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Pentagon Wouldn’t Shoot Down Plane

October 26, 1999

WASHINGTON (AP) _ During the flight of Payne Stewart’s Learjet, the senior military officer involved in monitoring its course consulted the Defense Department’s written guidance for the destruction of uncontrolled airborne objects, a Pentagon official said Tuesday.

Pentagon spokesman Kenneth Bacon also said that shortly before the Learjet crashed Monday, an officer on the Joint Staff at the Pentagon raised the question of what actions the military might be asked to take if the business jet were to suddenly veer from its steady northerly course.

Bacon said the question may have been raised by Navy Vice Adm. Scott A. Fry, the Joint Staff director of operations, who was monitoring the Learjet’s path on radar in the National Military Command Center in the Pentagon.

``Admiral Fry or someone working with him said, ‘You know, if this thing suddenly veers off course and heads to Chicago, we’ll have some really tough decisions to make.’ It was that type of thinking,″ Bacon said. ``It was not saying, ‘OK, let’s get ready.’ It never got to that point.″

Several unarmed Air Force and Air National Guard fighter jets were directed toward the plane to observe and try to establish contact. Bacon said Tuesday that near the end of the drama, two armed Air Force F-16 air defense jets from Fargo, N.D., were sent aloft briefly but did not reach the Learjet before it crashed.

Bacon said the determination was made early in the Learjet’s 1,400-mile flight that it was headed toward a sparsely populated region and therefore no drastic actions would be required.

The spokesman said there are no written Pentagon instructions for destroying a manned civilian aircraft in flight. He said extreme measures were not even a theoretical consideration until the Learjet neared the point when military officers calculated it was about to run out of fuel.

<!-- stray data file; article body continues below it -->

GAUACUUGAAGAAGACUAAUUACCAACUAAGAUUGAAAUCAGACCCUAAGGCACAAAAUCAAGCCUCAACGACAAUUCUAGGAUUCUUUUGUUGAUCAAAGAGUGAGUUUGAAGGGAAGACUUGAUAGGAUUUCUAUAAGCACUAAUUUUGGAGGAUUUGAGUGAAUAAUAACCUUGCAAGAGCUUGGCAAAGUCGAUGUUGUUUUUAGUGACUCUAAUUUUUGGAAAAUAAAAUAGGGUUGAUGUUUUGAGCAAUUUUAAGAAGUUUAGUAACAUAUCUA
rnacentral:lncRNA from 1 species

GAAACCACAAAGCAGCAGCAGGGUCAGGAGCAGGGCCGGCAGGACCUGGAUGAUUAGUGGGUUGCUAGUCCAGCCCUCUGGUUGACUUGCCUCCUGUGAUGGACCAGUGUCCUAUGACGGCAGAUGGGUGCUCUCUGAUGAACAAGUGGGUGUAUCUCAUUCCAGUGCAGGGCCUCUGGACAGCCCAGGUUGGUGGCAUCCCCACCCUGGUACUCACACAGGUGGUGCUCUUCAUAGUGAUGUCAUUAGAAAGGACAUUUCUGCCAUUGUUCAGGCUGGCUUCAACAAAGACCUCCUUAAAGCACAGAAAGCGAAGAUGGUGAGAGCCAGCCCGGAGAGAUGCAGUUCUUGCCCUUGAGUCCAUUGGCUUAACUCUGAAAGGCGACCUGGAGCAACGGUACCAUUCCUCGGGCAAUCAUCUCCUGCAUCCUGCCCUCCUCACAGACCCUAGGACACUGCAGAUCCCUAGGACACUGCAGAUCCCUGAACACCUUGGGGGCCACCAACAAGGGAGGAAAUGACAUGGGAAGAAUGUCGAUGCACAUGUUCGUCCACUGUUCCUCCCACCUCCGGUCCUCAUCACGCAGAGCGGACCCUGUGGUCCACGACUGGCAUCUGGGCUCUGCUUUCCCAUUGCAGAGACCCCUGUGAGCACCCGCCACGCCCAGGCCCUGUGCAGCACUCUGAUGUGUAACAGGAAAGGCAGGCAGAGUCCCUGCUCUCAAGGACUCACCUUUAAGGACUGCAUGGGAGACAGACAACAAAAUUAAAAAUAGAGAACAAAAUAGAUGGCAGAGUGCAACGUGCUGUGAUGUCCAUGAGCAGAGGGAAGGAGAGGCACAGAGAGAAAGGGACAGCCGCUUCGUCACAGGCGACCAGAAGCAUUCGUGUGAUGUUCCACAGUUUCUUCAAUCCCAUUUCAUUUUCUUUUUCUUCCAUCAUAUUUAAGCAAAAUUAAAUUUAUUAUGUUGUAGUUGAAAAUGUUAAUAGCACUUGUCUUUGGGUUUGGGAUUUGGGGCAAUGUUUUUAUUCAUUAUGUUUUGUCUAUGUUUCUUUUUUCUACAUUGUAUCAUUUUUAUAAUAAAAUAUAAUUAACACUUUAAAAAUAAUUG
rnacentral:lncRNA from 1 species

Bacon said he reviewed the sequence of events in a telephone conversation Tuesday with Navy Vice Adm. Herb Browne, the deputy commander in chief of U.S. Space Command at Peterson Air Force Base, Colo., who was in charge because the space commander, Air Force Gen. Richard Myers, was at the Pentagon. Using radars, satellites and other means, Space Command tracks all objects in U.S. airspace and in outer space.

``As they reached the point where they figured the plane was running out of fuel, in the next half an hour to an hour, obviously the question of what do we do if it veers off course became more urgent than it was early on in the operation,″ Bacon said.

``One of the things Admiral Browne did was check the Joint Staff regulations that deal with destruction of derelict airborne objects to find out what was required. But the conversations about action to take never really went beyond the sort of `what-if’ that I gave you. You know, `what if’ it suddenly veers off course, then we’ll have really tough decisions to make. Those decisions were not made.″

The regulation Bacon referred to, dated July 31, 1997, is titled ``Instructions for Destruction of Derelict Airborne Objects.″ It cites as examples unmanned balloons, moored balloons, kites or unmanned nonnuclear rockets or missiles. There is no specific reference to aircraft, civilian or otherwise.

The language most relevant to Monday’s incident says, ``For unmanned derelict airborne objects that become a hazard to domestic air navigation or a threat to domestic ground facilities or public safety, military personnel may be required to perform surveillance and-or destroy the unmanned derelict airborne objects.″

The regulation requires that the secretary of defense approve any request for destroying airborne objects over U.S. or international airspace. Bacon said that if the object were a civilian plane the president would have to be notified.

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